22 MARCH 1946, Page 1

The Mission to India

The journey of the Cabinet delegation to India this week could not have been better heralded than by the debate in the House of Commons last Friday, revealing as it did a unanimity in the desire for full self-government for India which established British good faith in this matter beyond any challenge. Most members of the recent Parliamentary delegation to India made their contribution to the debate, the two Conservatives, Mr. Godfrey Nicholson and Brigadier Low manifesting a sympathy with and understanding of Indian aspirations equal to any displayed by their Labour colleagues. The Prime Minister early in the debate declared unequivocally that while he earnestly hoped that India would choose to remain within the British Cothmonwealth, her choice of independence, if she did choose that, would not be contested, and no subsequent speaker challenged that decisive statement of principle. But though the Cabinet delegates start with all the omens in this country in their 'favour the fact remains that India's destiny lies in her own hands, and her own capacity for shaping that destiny temperately and wisely has still to be revealed. Mr. Attlee rejected the title of minorities to hold up progress indefinitely, but his words have only elicited from Mr. Jinnah a new assertion of the claim to an autonomous, if not completely independent, Pakistan as fundamental. The Cripps offer, from which there can be no receding, offered something not much less than this, but there is no sign that Congress is more reconciled to it than it ever was. A united India can have self-government, and even independence, for the asking. Is a divided India to have it equally if the certain fruit of freedom is civil war? The British Cabinet Ministers may have great decisions to take, or to recommend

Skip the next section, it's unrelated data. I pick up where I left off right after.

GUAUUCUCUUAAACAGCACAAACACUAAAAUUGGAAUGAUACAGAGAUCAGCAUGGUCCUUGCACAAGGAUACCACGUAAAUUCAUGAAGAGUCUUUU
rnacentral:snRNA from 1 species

to the Cabinet. But Indians will have greater. Theirs is the opportunity and theirs the choice. c